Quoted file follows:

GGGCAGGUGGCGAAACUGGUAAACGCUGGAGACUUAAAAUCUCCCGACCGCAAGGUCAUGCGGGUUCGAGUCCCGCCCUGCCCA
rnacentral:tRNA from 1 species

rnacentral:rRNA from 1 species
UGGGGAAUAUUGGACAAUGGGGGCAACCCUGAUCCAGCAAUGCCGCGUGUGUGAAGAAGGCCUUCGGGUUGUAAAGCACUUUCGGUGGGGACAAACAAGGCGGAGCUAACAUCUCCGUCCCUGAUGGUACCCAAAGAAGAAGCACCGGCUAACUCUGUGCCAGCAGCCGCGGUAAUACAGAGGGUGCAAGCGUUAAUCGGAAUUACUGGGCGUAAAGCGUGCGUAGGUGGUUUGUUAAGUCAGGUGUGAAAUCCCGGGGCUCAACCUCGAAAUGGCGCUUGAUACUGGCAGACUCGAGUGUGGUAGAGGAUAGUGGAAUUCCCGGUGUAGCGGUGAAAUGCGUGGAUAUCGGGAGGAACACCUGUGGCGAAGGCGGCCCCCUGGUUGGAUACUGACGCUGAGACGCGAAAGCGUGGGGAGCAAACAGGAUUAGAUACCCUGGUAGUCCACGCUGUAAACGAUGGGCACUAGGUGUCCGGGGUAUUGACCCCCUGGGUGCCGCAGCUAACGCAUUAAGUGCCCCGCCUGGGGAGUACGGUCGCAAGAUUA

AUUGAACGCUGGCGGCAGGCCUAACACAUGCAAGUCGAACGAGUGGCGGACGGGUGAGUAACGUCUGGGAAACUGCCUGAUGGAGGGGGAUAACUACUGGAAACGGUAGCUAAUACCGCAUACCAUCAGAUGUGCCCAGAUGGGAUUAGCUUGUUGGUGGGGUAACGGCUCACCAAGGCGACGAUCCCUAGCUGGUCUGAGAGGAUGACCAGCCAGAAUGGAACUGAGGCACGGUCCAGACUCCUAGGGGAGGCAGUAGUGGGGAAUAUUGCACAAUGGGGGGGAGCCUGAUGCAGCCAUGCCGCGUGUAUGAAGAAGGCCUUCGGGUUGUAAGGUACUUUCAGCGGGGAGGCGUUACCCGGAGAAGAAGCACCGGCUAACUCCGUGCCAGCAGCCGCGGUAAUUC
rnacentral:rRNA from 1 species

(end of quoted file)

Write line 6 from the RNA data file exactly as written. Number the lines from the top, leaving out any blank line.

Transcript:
rnacentral:rRNA from 1 species